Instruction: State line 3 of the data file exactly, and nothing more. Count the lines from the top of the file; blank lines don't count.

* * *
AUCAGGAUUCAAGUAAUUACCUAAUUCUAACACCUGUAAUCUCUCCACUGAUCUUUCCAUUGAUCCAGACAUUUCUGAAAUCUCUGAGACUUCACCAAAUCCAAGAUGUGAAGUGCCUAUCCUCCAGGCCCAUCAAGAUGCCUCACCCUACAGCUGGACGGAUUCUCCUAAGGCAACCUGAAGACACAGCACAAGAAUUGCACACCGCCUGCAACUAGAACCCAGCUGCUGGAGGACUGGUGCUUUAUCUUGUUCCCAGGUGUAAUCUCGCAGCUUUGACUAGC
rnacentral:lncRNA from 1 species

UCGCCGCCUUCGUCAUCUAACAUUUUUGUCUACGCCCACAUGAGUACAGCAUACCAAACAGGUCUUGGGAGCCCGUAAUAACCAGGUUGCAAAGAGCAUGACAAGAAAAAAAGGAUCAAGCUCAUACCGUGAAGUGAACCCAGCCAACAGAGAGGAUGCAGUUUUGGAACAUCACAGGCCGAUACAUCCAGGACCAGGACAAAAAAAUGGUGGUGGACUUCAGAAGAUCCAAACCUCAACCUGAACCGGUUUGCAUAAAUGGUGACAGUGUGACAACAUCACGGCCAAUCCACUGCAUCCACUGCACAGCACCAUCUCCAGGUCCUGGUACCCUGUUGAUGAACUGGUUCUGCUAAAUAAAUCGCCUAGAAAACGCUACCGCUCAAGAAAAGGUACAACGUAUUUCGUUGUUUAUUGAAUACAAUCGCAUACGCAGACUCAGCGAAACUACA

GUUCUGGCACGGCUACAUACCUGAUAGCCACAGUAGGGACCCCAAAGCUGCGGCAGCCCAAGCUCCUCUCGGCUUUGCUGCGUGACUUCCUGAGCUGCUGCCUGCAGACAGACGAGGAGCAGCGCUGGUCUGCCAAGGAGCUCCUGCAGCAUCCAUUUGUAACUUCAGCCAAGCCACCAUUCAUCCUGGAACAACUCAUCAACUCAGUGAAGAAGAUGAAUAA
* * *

UCGCCGCCUUCGUCAUCUAACAUUUUUGUCUACGCCCACAUGAGUACAGCAUACCAAACAGGUCUUGGGAGCCCGUAAUAACCAGGUUGCAAAGAGCAUGACAAGAAAAAAAGGAUCAAGCUCAUACCGUGAAGUGAACCCAGCCAACAGAGAGGAUGCAGUUUUGGAACAUCACAGGCCGAUACAUCCAGGACCAGGACAAAAAAAUGGUGGUGGACUUCAGAAGAUCCAAACCUCAACCUGAACCGGUUUGCAUAAAUGGUGACAGUGUGACAACAUCACGGCCAAUCCACUGCAUCCACUGCACAGCACCAUCUCCAGGUCCUGGUACCCUGUUGAUGAACUGGUUCUGCUAAAUAAAUCGCCUAGAAAACGCUACCGCUCAAGAAAAGGUACAACGUAUUUCGUUGUUUAUUGAAUACAAUCGCAUACGCAGACUCAGCGAAACUACA